Molecular Imaging and Biology

, Volume 14, Issue 2, pp 252–259 | Cite as

Prospective Evaluation of 99mTc MDP Scintigraphy, 18F NaF PET/CT, and 18F FDG PET/CT for Detection of Skeletal Metastases

  • Andrei IagaruEmail author
  • Erik Mittra
  • David W. Dick
  • Sanjiv Sam Gambhir
Research Article



Technetium (Tc) methylene diphosphonate (MDP) has been the standard method for bone scintigraphy for three decades. 18F sodium fluoride (18F NaF) positron emission tomography (PET)/computed tomography (CT) has better resolution and is considered superior. The role of 2-deoxy-2-[18F]fluoro-D-glucose (18F FDG) PET/CT is proven in a variety of cancers, for which it has changed the practice of oncology. There are few prospective studies comparing these three methods of detection of skeletal metastases. Thus, we were prompted to initiate this prospective pilot trial.


This is a prospective study (Sep 2007–Dec 2010) of 52 patients with proven malignancy referred for evaluation of skeletal metastases. There were 37 men and 15 women, 19–84 years old (average, 55.6 ± 15.9). Technetium-99m (99mTc) MDP bone scintigraphy, 18F NaF PET/CT, and 18F FDG PET/CT were subsequently performed within 1 month.


Skeletal lesions were detected by 99mTc MDP bone scintigraphy in 22 of 52 patients, by 18F NaF PET/CT in 24 of 52 patients, and by 18F FDG PET/CT in 16 of 52 patients. The image quality and evaluation of extent of disease were superior by 18F NaF PET/CT over 99mTc MDP scintigraphy in all 22 patients with skeletal lesions on both scans and over 18F FDG PET/CT in 11 of 16 patients with skeletal metastases on 18F FDG PET/CT. In two patients, 18F NaF PET/CT showed skeletal metastases not seen on either of the other two scans. Extraskeletal lesions were identified by 18F FDG PET/CT in 28 of 52 subjects.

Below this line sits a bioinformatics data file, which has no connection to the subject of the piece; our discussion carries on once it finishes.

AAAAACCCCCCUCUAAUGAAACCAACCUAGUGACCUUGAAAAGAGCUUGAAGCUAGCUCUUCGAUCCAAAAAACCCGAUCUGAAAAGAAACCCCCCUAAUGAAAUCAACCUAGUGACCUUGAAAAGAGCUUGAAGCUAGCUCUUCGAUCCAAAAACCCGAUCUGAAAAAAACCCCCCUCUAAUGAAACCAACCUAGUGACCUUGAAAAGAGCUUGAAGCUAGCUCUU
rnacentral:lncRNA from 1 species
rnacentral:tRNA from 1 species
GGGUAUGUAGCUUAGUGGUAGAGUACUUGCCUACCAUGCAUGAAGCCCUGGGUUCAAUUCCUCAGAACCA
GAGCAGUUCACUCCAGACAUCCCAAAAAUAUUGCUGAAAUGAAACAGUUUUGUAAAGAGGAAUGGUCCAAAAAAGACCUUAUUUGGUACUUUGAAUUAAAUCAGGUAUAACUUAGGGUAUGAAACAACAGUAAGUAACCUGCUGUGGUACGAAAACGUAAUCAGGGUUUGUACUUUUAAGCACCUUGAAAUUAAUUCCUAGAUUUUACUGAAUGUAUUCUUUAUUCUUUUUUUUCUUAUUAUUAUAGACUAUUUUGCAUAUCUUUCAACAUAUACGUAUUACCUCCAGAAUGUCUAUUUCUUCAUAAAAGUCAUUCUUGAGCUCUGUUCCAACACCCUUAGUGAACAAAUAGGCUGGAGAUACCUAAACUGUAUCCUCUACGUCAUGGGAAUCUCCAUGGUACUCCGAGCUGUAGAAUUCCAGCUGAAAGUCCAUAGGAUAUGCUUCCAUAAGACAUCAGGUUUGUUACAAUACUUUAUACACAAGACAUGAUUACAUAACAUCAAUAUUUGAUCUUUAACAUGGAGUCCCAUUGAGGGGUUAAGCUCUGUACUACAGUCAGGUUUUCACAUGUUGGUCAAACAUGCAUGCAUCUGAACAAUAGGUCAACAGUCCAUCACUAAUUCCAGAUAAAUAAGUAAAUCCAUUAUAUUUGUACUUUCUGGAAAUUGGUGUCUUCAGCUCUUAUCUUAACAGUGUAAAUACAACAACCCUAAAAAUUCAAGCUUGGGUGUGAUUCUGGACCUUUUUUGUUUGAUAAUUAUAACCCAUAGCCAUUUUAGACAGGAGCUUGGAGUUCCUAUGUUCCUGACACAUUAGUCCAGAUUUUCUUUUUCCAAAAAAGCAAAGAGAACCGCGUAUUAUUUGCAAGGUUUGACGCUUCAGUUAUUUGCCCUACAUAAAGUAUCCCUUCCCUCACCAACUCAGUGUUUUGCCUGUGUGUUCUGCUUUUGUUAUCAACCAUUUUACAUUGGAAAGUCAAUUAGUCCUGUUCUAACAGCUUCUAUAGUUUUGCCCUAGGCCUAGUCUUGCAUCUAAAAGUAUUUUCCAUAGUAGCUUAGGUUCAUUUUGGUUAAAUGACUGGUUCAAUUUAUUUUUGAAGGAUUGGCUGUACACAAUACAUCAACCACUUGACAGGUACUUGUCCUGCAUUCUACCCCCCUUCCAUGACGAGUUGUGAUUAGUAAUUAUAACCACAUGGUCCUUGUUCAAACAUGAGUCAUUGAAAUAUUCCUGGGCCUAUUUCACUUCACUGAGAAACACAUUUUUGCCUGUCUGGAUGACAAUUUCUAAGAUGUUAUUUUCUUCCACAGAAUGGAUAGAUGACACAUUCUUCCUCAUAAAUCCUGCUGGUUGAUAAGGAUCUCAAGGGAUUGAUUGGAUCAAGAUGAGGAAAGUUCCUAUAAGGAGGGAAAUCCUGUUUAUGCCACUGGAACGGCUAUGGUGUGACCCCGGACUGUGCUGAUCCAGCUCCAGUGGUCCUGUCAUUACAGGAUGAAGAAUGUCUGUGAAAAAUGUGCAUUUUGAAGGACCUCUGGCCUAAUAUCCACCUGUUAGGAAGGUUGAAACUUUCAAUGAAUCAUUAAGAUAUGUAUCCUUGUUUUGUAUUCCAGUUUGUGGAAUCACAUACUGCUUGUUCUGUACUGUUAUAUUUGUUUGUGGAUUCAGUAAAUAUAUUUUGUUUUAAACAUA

Our prospective pilot-phase trial demonstrates superior image quality and evaluation of skeletal disease extent with 18F NaF PET/CT over 99mTc MDP scintigraphy and 18F FDG PET/CT. At the same time, 18F FDG PET detects extraskeletal disease that can significantly change disease management. As such, a combination of 18F FDG PET/CT and 18F NaF PET/CT may be necessary for cancer detection. Additional evaluation with larger cohorts is required to confirm these preliminary findings.

Key words

18F NaF 18F FDG PET/CT 99mTc MDP Malignancy 



This research was supported in part by NCI ICMIC CA114747 (SSG), and the clinical studies were supported in part by the Doris Duke Foundation and Canary Foundation (SSG). We would also like to thank Dr. Fred Chin in the Cyclotron Facility, Lindee Burton, and all the technologists in the Nuclear Medicine Clinic.

Conflict of interest

The authors declare that they have no conflict of interest.


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Copyright information

© Academy of Molecular Imaging and Society for Molecular Imaging 2011

Authors and Affiliations

  • Andrei Iagaru
    • 1
    Email author
  • Erik Mittra
    • 1
  • David W. Dick
    • 2
  • Sanjiv Sam Gambhir
    • 1
    • 2
    • 3
    • 4
  1. 1.Department of Radiology, Division of Nuclear MedicineStanford University Medical CenterStanfordUSA
  2. 2.Department of RadiologyMolecular Imaging Program at Stanford (MIPS)StanfordUSA
  3. 3.Department of BioengineeringStanfordUSA
  4. 4.Department of Materials Science & EngineeringStanfordUSA

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